Eliminating Tax Debt
Tax debts are not automatically dischargeable in Chapter 7 or Chapter 13. But certain tax debts can be discharged. In cases of federal income tax debt, you must satisfy all five of these requirements:
- The due date for filing a tax return must be at least three years ago.
- The tax return must have been filed at least two years ago.
- The tax assessment must be at least 240 days old.
- The tax return must not be fraudulent in any way.
- The taxpayer must not be guilty of tax evasion.
If all five of these conditions are met, income tax debt may be discharged.
Chapter 7 bankruptcy offers better opportunities for discharging tax debt than Chapter 13 — because Chapter 7 is a liquidation, while Chapter 13 is about stretching out payments.
Taxes That May Not Be Discharged
- Payroll taxes and penalties for fraud are never dischargeable.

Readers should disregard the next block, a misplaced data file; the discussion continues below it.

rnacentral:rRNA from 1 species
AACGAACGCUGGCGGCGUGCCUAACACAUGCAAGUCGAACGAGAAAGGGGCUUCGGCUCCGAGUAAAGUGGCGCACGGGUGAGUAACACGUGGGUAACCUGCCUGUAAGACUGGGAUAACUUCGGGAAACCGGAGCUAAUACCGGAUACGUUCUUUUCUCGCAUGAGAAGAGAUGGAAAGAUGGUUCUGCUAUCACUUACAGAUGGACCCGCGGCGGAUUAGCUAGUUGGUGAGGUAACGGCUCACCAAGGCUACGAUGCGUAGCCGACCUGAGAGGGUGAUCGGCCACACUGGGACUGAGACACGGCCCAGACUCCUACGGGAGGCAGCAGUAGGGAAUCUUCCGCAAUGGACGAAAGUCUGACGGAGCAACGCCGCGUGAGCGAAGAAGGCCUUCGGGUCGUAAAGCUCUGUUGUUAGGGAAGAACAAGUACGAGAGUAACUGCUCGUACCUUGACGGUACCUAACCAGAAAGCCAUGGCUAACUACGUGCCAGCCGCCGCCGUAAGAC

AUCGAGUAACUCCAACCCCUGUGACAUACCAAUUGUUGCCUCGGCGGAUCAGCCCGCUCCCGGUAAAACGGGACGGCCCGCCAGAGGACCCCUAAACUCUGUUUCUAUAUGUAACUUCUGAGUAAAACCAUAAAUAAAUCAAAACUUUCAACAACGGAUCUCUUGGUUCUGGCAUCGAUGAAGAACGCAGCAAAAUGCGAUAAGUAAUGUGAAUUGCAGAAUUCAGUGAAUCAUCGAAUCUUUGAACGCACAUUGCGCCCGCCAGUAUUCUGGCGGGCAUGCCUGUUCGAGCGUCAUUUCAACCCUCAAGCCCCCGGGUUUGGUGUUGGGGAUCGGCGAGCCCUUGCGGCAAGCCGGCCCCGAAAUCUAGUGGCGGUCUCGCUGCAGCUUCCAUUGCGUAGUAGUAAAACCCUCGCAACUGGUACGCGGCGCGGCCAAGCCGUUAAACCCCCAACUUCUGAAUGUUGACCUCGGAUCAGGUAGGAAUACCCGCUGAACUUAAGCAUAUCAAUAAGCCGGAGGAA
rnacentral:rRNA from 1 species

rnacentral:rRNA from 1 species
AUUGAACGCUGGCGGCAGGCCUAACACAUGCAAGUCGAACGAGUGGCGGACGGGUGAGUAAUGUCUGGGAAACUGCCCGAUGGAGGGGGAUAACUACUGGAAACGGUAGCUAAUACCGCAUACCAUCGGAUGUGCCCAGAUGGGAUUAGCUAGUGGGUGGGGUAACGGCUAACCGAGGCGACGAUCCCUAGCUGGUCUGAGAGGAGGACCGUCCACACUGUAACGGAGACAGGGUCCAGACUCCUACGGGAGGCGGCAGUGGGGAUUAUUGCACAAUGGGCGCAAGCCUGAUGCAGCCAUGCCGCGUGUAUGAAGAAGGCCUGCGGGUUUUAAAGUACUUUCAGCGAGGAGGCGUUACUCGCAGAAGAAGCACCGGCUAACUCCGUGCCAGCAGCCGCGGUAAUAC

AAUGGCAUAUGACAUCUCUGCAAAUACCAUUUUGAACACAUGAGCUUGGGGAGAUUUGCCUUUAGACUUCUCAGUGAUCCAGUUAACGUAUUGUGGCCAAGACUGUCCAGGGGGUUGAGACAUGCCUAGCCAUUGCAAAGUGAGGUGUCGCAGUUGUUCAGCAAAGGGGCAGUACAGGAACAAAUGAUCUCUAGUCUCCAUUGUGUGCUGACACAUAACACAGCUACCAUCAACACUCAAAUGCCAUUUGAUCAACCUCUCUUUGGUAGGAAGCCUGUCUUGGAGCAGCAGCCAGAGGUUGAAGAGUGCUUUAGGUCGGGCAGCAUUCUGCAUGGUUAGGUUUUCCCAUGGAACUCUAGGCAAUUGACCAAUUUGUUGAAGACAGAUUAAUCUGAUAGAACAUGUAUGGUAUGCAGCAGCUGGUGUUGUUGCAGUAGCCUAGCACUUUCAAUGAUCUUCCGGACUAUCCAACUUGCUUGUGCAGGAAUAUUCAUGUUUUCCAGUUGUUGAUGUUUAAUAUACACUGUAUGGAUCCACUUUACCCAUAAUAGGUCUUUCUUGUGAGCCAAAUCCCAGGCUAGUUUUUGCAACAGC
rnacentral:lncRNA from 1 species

- Tax penalties from tax debt that was ineligible for discharge may not be discharged. (But penalties on dischargeable tax debts may be discharged.)
- Tax obligations for years in which you failed to file tax returns may not be discharged.
- Trust fund taxes may not be discharged.
- Taxes withheld from an employee’s paycheck may not be discharged.
The laws governing eliminating tax debts are complex. If you have questions about a tax debt, stop by our Jackson Street offices in Alexandria and ask one of our lawyers what your options are. Or talk to our attorneys at 318-625-0471.
Call McBride Law Firm of Alexandria, Louisiana · 318-625-0471.